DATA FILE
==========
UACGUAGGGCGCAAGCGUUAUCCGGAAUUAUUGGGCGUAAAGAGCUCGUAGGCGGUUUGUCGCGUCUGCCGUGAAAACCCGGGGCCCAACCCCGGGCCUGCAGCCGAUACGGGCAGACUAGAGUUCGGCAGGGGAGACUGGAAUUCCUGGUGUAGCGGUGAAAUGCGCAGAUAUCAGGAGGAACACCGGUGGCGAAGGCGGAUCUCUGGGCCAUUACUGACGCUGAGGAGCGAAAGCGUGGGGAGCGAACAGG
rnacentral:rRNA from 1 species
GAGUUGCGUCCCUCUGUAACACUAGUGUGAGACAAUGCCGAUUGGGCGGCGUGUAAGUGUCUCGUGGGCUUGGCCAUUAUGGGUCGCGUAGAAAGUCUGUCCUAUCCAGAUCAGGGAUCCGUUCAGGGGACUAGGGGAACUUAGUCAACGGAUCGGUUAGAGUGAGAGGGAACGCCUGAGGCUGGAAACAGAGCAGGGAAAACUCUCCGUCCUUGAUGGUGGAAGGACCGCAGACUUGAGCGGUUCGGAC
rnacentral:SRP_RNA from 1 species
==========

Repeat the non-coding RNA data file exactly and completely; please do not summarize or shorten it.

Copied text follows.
UACGUAGGGCGCAAGCGUUAUCCGGAAUUAUUGGGCGUAAAGAGCUCGUAGGCGGUUUGUCGCGUCUGCCGUGAAAACCCGGGGCCCAACCCCGGGCCUGCAGCCGAUACGGGCAGACUAGAGUUCGGCAGGGGAGACUGGAAUUCCUGGUGUAGCGGUGAAAUGCGCAGAUAUCAGGAGGAACACCGGUGGCGAAGGCGGAUCUCUGGGCCAUUACUGACGCUGAGGAGCGAAAGCGUGGGGAGCGAACAGG
rnacentral:rRNA from 1 species
GAGUUGCGUCCCUCUGUAACACUAGUGUGAGACAAUGCCGAUUGGGCGGCGUGUAAGUGUCUCGUGGGCUUGGCCAUUAUGGGUCGCGUAGAAAGUCUGUCCUAUCCAGAUCAGGGAUCCGUUCAGGGGACUAGGGGAACUUAGUCAACGGAUCGGUUAGAGUGAGAGGGAACGCCUGAGGCUGGAAACAGAGCAGGGAAAACUCUCCGUCCUUGAUGGUGGAAGGACCGCAGACUUGAGCGGUUCGGAC
rnacentral:SRP_RNA from 1 species